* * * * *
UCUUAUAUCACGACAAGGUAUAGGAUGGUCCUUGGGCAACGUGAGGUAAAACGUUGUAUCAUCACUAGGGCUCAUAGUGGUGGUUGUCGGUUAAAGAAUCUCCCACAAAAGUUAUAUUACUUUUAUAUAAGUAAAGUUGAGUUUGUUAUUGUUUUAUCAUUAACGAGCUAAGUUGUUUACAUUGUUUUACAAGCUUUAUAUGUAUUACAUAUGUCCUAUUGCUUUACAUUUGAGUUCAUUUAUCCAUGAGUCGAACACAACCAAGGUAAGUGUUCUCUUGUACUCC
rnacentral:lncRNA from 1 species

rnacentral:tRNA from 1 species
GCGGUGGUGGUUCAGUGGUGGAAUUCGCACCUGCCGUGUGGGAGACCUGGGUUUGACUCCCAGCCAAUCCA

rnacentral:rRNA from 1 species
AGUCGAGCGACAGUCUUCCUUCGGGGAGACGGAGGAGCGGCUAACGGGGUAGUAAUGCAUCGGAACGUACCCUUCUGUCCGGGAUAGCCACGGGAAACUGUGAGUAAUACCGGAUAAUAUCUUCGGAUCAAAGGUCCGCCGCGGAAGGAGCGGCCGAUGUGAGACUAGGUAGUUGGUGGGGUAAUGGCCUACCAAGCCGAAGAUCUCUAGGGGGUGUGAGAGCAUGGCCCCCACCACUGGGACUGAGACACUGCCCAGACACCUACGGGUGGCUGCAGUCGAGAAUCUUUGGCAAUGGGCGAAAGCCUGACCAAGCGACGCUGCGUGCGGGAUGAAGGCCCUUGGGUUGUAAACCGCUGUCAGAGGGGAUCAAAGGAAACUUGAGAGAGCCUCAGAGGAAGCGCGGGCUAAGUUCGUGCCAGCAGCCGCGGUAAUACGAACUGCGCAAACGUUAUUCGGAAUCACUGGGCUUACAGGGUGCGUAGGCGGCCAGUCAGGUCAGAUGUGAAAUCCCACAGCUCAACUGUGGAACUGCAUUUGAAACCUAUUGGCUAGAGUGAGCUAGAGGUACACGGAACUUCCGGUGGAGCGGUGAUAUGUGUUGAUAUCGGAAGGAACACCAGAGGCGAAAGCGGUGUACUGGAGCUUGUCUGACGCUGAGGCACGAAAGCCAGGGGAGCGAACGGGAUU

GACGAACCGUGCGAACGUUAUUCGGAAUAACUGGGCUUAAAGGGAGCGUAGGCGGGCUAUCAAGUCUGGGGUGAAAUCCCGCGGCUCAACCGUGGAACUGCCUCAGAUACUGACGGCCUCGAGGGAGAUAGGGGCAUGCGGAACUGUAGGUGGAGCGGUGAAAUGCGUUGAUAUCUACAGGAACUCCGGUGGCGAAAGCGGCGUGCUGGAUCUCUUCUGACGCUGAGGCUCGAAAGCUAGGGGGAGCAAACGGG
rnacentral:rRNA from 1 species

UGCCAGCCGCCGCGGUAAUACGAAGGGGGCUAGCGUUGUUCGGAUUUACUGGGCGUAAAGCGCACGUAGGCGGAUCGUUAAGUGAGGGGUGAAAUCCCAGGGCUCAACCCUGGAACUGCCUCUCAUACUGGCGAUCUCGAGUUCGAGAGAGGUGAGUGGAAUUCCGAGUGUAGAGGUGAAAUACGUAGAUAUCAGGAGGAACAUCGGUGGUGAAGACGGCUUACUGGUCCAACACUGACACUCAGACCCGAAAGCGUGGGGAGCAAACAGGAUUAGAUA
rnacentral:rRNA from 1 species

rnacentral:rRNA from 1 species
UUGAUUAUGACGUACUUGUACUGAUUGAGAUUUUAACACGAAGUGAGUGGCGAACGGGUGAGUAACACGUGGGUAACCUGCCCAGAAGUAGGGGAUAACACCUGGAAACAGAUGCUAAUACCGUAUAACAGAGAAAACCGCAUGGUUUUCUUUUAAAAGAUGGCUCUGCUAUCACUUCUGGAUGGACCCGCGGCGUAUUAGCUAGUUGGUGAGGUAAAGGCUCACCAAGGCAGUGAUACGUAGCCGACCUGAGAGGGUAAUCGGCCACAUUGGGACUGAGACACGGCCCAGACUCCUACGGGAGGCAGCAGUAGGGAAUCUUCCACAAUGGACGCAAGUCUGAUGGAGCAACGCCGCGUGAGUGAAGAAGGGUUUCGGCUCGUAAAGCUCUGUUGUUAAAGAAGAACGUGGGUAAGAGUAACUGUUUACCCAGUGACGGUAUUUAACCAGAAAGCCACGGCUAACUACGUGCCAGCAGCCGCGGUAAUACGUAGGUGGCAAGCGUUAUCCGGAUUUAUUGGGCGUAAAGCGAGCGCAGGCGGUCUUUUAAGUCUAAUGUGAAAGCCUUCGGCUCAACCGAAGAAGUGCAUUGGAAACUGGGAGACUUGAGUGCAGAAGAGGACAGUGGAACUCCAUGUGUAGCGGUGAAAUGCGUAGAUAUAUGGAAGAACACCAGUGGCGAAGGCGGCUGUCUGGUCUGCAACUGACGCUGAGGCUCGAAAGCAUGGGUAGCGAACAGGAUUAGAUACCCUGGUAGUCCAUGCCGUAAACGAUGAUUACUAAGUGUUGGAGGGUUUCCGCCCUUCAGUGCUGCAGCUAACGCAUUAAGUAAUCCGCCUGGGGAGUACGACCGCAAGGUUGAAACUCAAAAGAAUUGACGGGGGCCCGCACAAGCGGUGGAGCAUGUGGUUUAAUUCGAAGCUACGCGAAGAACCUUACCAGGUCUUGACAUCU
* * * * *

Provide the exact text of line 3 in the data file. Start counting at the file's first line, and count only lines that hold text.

rnacentral:tRNA from 1 species